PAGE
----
Sermon for Evensong on 26th August 2017 by Rev Ellen Goldsmith

SERMON for 26.8.18  Evensong

Joshua 24: 1-2a,14-18          Psalm 34:15-end     (Eph.6:10-20)     John 6: 56-69

Joshua was the leader of the Israelites following on from Moses.  Moses never actually entered the promised land, even though he had led the people out of slavery in Egypt. Joshua did this, and conquered the land that had been overrun by the Canaanites, and he had divided the land between the 12 tribes. 

Today’s reading comes at the end of Joshua’s life, and like many final speeches, Joshua’s is memorable and challenging.

Joshua knows something of the Israelites’ character which had surfaced during their forty years of travel:  ‘prone to wander, prone to leave their God’.

Here in Canaan, there was milk and honey, and there were also foreign gods to tempt them.

Now towards the end of his life, Joshua must have been wondering, ‘Will the people keep faith? Has it been worth it?  Are these people worth bothering about?’

He must have known the answer was yes - he did care, and God cared; for Joshua gathers all the people together and he makes his farewell speech.

And he draws on what Moses had often said to the people.

He first of all recalls the Israelites’ history – beginning with Abraham, their father in faith, and then the highlights from their Exodus out of Egypt and to the crossing of the Jordan River, back to the land they once occupied. 

God had been faithful all the way:  as Moses put it, they had learned that

‘man does not live on bread alone but on every word that comes from the mouth of the Lord. Their clothes did not wear out and their feet did not swell during those forty years.’

Then comes the challenge:

v. 14, 15 ‘Now fear the Lord and serve him with all faithfulness. Throw away the gods your ancestors worshipped beyond the River Euphrates and in Egypt, and serve the Lord. 15 But if serving the Lord seems undesirable to you, then choose for yourselves this day whom you will serve, whether the gods your ancestors served beyond the Euphrates, or the gods of the Amorites, in whose land you are living. But as for me and my household, we will serve the Lord.’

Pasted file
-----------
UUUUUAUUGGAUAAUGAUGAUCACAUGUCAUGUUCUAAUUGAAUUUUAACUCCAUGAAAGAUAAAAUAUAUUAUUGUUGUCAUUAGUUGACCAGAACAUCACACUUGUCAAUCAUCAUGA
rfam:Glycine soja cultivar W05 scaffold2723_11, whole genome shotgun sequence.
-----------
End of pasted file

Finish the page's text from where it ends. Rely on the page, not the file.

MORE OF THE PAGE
It’s a challenge that comes to every generation: 

Look back at the faithfulness of God and the faithfulness of past generations: 

What would be the highlights we would recall about Ladock?

Who have been the key players in this Church over centuries?

How faithful are we?

What are we leaving for the next generation?

 

I think the temptations are not dissimilar for us:  self-reliant

prosperity and complacency, half-hearted faithfulness that likes to choose its own level of commitment, or wonders, ‘Why should I bother?’  ‘Can I really make a difference?’

 

Moses put it like this:  Deuteronomy 8

10 When you have eaten and are satisfied, praise the Lord your God for the good land he has given you. 11 Be careful that you do not forget the Lord your God. …  17 You may say to yourself, ‘My power and the strength of my hands have produced this wealth for me.’ 18 But remember the Lord your God, for it is he who gives you the ability to produce wealth, and so confirms his covenant, which he swore to your ancestors, as it is today.

 

Joshua said:  Choose this day whom you will serve

And Jesus put the challenge like this when some disciples no longer followed him:  You do not want to leave, too, do you? 

 

Choice always demands a response and it is always a mixed blessing! 

We usually know which choice we should make, but so often torn between the two, aware of promising more than we can deliver, and the consequences that follow.

Joshua knew this was a frailty in God’s people:  he said, v.19

‘You are not able to serve the Lord. He is a holy God; he is a jealous God. He will not forgive your rebellion and your sins. 20 If you forsake the Lord and serve foreign gods, he will turn and bring disaster on you and make an end of you, after he has been good to you.’

He did not want  them to choose lightly or selfishly, but reverently and responsibly in the sight of Almighty God.

So then he tells them to do the 2 things we are always reminded to do:

Throw away the false gods; worship the one true God -

To turn from evil and turn to the good

What would this mean for you? 

What are the hindrances in your life you need to get rid of, to throw out?

What are the good things to take on board?  Which pieces of armour are you missing described in Ephesians 6  – they are available for the asking?  I wonder if prayer might be one …

 

This is where God’s grace comes to our rescue:

Joshua gave the people a reminder, a reminder to help them live out their choice to serve the Lord – it was a large stone he erected where they would see it regularly.

Samuel did this some years later when battling the evil of the Philistines; he gave his stone the name Ebenezer, which is made up the two words, stone and help.

And this is what God does – he helps.

He helps us to say with Joshua, ‘as for me, I will serve the Lord’. And with Peter,

‘You have the words of eternal life. We believe and know that you are the Holy One of God.’ 


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